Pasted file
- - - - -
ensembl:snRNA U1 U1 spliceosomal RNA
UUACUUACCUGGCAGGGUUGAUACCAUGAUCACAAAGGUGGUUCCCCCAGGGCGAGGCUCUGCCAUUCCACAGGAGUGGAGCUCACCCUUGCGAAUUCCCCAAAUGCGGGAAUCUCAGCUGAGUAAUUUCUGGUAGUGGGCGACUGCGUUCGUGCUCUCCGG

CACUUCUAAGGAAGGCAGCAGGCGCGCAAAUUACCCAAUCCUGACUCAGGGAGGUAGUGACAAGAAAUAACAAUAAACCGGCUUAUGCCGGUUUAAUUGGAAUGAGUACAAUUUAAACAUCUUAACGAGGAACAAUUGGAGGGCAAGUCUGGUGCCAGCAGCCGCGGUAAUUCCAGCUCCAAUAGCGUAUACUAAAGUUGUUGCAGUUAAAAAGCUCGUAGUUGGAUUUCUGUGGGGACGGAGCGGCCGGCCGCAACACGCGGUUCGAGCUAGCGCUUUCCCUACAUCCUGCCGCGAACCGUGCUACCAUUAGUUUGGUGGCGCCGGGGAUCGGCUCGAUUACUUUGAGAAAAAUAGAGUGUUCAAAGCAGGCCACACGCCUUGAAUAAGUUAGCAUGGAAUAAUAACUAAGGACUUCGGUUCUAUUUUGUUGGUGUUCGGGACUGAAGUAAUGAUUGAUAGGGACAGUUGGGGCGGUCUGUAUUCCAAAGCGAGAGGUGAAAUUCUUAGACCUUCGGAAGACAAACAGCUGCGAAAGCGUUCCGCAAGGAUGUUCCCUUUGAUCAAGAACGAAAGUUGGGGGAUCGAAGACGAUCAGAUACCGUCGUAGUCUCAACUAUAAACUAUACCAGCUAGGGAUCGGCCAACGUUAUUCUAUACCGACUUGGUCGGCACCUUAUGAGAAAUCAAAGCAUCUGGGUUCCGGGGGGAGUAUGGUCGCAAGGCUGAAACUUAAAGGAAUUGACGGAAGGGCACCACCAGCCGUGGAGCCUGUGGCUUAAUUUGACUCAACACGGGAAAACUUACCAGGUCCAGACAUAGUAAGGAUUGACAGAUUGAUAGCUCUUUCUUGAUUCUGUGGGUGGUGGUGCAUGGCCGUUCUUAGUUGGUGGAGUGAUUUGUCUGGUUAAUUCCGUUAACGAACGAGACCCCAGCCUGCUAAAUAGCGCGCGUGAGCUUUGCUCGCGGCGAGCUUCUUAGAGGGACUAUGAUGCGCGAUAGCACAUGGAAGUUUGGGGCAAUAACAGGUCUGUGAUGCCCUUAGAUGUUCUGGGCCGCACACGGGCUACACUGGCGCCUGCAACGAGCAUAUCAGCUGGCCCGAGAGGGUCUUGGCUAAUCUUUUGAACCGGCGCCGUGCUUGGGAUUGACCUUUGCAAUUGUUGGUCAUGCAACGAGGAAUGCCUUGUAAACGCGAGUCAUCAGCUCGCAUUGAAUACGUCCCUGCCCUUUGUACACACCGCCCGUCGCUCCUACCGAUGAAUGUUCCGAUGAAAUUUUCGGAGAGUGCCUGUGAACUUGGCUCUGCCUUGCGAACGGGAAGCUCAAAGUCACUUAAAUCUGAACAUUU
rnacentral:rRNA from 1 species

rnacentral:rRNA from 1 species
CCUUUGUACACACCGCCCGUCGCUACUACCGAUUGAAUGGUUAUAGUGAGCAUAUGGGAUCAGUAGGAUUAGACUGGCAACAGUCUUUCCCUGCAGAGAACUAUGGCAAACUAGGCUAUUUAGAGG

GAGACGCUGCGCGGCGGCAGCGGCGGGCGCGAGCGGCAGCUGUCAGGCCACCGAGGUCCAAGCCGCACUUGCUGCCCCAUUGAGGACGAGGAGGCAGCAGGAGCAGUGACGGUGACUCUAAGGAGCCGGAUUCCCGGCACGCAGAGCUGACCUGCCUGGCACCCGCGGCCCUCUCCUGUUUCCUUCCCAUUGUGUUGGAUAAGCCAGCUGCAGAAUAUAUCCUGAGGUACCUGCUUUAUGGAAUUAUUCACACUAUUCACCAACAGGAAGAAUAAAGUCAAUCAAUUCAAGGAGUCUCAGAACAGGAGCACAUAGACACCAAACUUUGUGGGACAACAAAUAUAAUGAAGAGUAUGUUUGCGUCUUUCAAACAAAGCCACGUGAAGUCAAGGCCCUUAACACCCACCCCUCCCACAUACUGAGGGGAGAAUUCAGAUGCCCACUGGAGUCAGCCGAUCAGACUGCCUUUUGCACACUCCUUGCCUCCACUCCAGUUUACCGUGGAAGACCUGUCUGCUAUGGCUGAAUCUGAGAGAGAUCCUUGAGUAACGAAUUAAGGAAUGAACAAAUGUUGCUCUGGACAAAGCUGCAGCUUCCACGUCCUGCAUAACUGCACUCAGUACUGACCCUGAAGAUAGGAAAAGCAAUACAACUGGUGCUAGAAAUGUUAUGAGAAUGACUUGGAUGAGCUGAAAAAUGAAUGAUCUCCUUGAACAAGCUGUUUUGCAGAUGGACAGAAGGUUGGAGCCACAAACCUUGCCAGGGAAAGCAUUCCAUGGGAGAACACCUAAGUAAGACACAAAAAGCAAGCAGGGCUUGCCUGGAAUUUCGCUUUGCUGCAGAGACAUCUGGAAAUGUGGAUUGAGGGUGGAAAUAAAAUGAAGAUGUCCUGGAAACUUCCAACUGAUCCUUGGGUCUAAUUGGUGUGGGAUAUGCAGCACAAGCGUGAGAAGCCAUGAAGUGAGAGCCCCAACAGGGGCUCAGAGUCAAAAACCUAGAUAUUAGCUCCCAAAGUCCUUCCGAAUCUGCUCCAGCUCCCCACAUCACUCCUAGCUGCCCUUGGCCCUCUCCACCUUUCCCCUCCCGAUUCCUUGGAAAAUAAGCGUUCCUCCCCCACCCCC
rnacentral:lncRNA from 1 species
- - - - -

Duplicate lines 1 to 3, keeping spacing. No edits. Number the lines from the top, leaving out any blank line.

ensembl:snRNA U1 U1 spliceosomal RNA
UUACUUACCUGGCAGGGUUGAUACCAUGAUCACAAAGGUGGUUCCCCCAGGGCGAGGCUCUGCCAUUCCACAGGAGUGGAGCUCACCCUUGCGAAUUCCCCAAAUGCGGGAAUCUCAGCUGAGUAAUUUCUGGUAGUGGGCGACUGCGUUCGUGCUCUCCGG

CACUUCUAAGGAAGGCAGCAGGCGCGCAAAUUACCCAAUCCUGACUCAGGGAGGUAGUGACAAGAAAUAACAAUAAACCGGCUUAUGCCGGUUUAAUUGGAAUGAGUACAAUUUAAACAUCUUAACGAGGAACAAUUGGAGGGCAAGUCUGGUGCCAGCAGCCGCGGUAAUUCCAGCUCCAAUAGCGUAUACUAAAGUUGUUGCAGUUAAAAAGCUCGUAGUUGGAUUUCUGUGGGGACGGAGCGGCCGGCCGCAACACGCGGUUCGAGCUAGCGCUUUCCCUACAUCCUGCCGCGAACCGUGCUACCAUUAGUUUGGUGGCGCCGGGGAUCGGCUCGAUUACUUUGAGAAAAAUAGAGUGUUCAAAGCAGGCCACACGCCUUGAAUAAGUUAGCAUGGAAUAAUAACUAAGGACUUCGGUUCUAUUUUGUUGGUGUUCGGGACUGAAGUAAUGAUUGAUAGGGACAGUUGGGGCGGUCUGUAUUCCAAAGCGAGAGGUGAAAUUCUUAGACCUUCGGAAGACAAACAGCUGCGAAAGCGUUCCGCAAGGAUGUUCCCUUUGAUCAAGAACGAAAGUUGGGGGAUCGAAGACGAUCAGAUACCGUCGUAGUCUCAACUAUAAACUAUACCAGCUAGGGAUCGGCCAACGUUAUUCUAUACCGACUUGGUCGGCACCUUAUGAGAAAUCAAAGCAUCUGGGUUCCGGGGGGAGUAUGGUCGCAAGGCUGAAACUUAAAGGAAUUGACGGAAGGGCACCACCAGCCGUGGAGCCUGUGGCUUAAUUUGACUCAACACGGGAAAACUUACCAGGUCCAGACAUAGUAAGGAUUGACAGAUUGAUAGCUCUUUCUUGAUUCUGUGGGUGGUGGUGCAUGGCCGUUCUUAGUUGGUGGAGUGAUUUGUCUGGUUAAUUCCGUUAACGAACGAGACCCCAGCCUGCUAAAUAGCGCGCGUGAGCUUUGCUCGCGGCGAGCUUCUUAGAGGGACUAUGAUGCGCGAUAGCACAUGGAAGUUUGGGGCAAUAACAGGUCUGUGAUGCCCUUAGAUGUUCUGGGCCGCACACGGGCUACACUGGCGCCUGCAACGAGCAUAUCAGCUGGCCCGAGAGGGUCUUGGCUAAUCUUUUGAACCGGCGCCGUGCUUGGGAUUGACCUUUGCAAUUGUUGGUCAUGCAACGAGGAAUGCCUUGUAAACGCGAGUCAUCAGCUCGCAUUGAAUACGUCCCUGCCCUUUGUACACACCGCCCGUCGCUCCUACCGAUGAAUGUUCCGAUGAAAUUUUCGGAGAGUGCCUGUGAACUUGGCUCUGCCUUGCGAACGGGAAGCUCAAAGUCACUUAAAUCUGAACAUUU